29 Jan 2009

1988 abuse case involving Alamo resurfaces

The Mercury News - Silicon Valley
January 29, 2009

By JON GAMBRELL | Associated Press Writer

LITTLE ROCK, Ark.—Tony Alamo's voice crackled from a speakerphone as four people prepared to beat him on the evangelist's behalf, Jeremiah Justin Miller recalled in court.

Miller said he bled after being struck 140 times with a wooden paddle. His sins: asking a science question during a history class and, without permission, wearing a metal-studded leather scarf Alamo had designed.

"He said that I was a goat among the sheep and he was going to have to beat the devil out of me," Miller told a California courtroom three years after the 1988 incident at Alamo's religious compound north of Los Angeles.

By 1995, prosecutors dropped child abuse charges against Alamo, who said Miller, then 11, exaggerated his tale. The evangelist, now facing federal Mann Act charges in Arkansas, said Miller was an unruly child who needed to be disciplined.

More than two decades after the beating, one man still sought by detectives surrendered last week. Miller, meanwhile, hasn't surfaced since his family won civil suits against Alamo after the Internal Revenue Service seized the evangelist's assets in a tax case.

"The Millers fought the fight for everybody, they paid the price for everybody. They did the work, they took the chances," said Peter N. Georgiades, a Pittsburgh lawyer who represented the family. "They overcame their personal fears. They got the judgment and the IRS took the money."

Miller's case, which saw no action since 1995, sprang back to life when Douglas Christopher walked into a Santa Clarita, Calif., courthouse last week and turned himself in. Christopher, 55, faces an initial hearing Friday morning in municipal court over two felony charges from the 1988 beating, said Shiara Davila, a spokeswoman for the Los Angeles County District Attorney's Office.

The case re-emerged as Alamo, 74, faces a 10-count federal indictment accusing him of taking young girls across state lines for sex. Since a Sept. 20 raid on Alamo's compound in Fouke, child welfare officials with the Arkansas Department of Human Services have seized 36 children associated with the evangelist's ministries.

Christopher surrendered at the urging of an Arkansas government agency, said Steve Whitmore, a Los Angeles County Sheriff's Department spokesman. Julie Munsell, a spokeswoman for the Arkansas Department of Human Services, said her agency encouraged Christopher to resolve the criminal case. She declined to comment further.

Christopher is being held without bond on the charges. Christopher's public defender, Jim Bruns, could not be reached for comment. Davila said statutes of limitations didn't affect the case.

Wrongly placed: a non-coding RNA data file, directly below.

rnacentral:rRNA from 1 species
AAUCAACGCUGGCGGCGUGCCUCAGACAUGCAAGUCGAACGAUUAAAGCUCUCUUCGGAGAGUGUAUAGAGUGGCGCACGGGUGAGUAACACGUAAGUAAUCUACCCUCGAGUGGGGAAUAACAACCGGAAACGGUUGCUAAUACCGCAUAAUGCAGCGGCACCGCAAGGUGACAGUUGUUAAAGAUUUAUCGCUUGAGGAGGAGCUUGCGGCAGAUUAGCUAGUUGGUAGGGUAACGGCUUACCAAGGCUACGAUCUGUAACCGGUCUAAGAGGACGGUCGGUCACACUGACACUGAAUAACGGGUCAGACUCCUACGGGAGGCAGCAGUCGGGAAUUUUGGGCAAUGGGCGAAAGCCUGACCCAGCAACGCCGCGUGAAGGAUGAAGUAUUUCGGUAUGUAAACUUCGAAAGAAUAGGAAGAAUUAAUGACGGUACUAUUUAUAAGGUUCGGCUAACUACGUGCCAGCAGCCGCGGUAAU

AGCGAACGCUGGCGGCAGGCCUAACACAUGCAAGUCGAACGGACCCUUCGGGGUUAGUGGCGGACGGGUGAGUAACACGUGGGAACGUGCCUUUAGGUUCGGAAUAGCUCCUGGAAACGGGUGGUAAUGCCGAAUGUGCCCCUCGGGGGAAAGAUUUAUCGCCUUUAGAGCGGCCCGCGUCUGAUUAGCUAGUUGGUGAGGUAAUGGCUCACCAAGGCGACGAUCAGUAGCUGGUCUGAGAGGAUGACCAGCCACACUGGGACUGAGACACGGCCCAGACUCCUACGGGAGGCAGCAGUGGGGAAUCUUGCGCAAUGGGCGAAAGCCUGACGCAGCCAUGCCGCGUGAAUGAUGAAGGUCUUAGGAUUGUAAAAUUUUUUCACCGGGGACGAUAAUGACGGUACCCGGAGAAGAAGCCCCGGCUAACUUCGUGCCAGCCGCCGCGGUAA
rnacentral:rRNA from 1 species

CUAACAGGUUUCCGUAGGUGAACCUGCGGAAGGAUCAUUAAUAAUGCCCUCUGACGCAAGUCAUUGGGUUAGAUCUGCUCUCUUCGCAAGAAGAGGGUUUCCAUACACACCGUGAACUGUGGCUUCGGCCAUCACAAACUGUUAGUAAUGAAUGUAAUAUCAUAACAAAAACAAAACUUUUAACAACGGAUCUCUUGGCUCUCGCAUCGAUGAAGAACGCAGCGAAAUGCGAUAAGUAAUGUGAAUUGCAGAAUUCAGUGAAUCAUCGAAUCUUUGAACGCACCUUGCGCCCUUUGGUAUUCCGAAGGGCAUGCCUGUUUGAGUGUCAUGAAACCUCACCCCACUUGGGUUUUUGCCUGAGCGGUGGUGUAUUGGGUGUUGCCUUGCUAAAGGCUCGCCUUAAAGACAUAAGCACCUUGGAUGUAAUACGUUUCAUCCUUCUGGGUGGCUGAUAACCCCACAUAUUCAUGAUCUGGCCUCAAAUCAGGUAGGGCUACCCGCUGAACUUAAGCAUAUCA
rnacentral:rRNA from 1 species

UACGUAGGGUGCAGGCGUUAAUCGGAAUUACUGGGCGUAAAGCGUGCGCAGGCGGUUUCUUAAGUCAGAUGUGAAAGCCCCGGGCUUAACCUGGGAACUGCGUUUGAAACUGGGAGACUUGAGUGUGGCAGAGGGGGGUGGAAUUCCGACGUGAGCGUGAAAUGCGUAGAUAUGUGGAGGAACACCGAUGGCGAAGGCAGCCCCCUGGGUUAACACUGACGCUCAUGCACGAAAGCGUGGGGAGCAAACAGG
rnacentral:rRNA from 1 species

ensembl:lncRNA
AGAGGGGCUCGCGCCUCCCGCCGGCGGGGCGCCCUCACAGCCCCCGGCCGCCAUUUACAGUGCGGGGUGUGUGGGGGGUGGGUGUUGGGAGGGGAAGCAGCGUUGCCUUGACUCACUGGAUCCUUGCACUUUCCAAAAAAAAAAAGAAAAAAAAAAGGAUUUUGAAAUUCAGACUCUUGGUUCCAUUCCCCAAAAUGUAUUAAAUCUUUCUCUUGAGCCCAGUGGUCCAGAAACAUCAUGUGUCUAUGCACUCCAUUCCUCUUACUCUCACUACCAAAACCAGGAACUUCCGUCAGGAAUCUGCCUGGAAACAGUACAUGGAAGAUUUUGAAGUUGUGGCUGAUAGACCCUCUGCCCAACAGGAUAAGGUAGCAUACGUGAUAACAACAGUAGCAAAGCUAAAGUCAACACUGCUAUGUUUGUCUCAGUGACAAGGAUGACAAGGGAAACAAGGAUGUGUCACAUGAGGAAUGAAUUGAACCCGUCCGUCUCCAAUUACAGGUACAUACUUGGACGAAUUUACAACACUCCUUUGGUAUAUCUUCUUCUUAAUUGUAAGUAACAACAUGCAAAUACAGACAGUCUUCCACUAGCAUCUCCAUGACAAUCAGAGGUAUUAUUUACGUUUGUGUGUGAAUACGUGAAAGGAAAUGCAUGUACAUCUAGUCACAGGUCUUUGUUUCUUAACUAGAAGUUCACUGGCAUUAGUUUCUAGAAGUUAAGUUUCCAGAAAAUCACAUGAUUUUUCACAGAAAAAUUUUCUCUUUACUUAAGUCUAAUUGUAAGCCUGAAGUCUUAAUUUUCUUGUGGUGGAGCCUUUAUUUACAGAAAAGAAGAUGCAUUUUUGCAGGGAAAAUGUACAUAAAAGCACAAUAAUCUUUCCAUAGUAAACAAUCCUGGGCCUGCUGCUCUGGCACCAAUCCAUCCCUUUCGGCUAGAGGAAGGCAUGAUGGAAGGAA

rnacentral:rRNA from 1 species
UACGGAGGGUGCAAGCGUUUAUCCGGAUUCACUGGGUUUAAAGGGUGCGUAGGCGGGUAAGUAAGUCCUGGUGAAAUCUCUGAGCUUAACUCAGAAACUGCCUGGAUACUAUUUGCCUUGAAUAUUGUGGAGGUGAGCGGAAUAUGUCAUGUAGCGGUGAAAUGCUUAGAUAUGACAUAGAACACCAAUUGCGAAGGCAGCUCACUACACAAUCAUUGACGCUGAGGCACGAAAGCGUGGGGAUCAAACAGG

During the 1991 court hearing, Miller said church members wrote reports on children's misbehavior. Those reports went to Alamo, who decided on discipline he said God had recommended to him.

About 40 Alamo followers, including Miller's mother, watched as the paddle smacked against Miller's backside, the boy testified. He said he bled so badly he had to wear bandages for more than a week.

Miller's story matches testimony at an October federal detention hearing for Alamo. Then, former followers described suffering through beatings ordered by the evangelist over minor infractions like playing with a spray bottle.

Danny Davis, Alamo's lawyer at the time of the Miller hearing, dismissed the boy's testimony as exaggerated and coached by his ex-ministry member father. Davis served as a defense lawyer in the infamous McMartin Pre-School molestation case, the longest criminal prosecution in U.S. history.

Alamo himself has dismissed the allegations through the years, saying the unruly only face "spankings."

Miller "didn't even cry," Alamo told the Los Angeles Times in 1989. "It was a very light, easy spanking."

It is unclear what evidence sheriff's deputies have to work with now in Miller's case. Whitmore declined to discuss whether deputies have spoken with Miller, who would now be in his early 30s.

"This is an active, open case. We've got reports, we've got everything," Whitmore said. "The sheriff's department, make no mistake about it, is about its business."

Georgiades, who represented Miller's family during years of lawsuits against Alamo, said bringing Miller and his family back into the case might prove impossible.

"We don't communicate," Georgiades said. "A couple of them have disappeared completely, period."

The family won a multimillion legal challenge against Alamo over labor law violations, but the IRS later liquidated much of the church's holdings, including its clothing line. Ministry members made elaborately embroidered denim jackets once sought by celebrities.

The lawyer applauded prosecutors for moving forward on the case, even after a two-decade delay.

"No sane person could think that what these children did warranted any punishment other than maybe a stern look from mom," he said. "The reason he's doing these beatings is to show the other people in the group his power so that if they're thinking about leaving, they won't."

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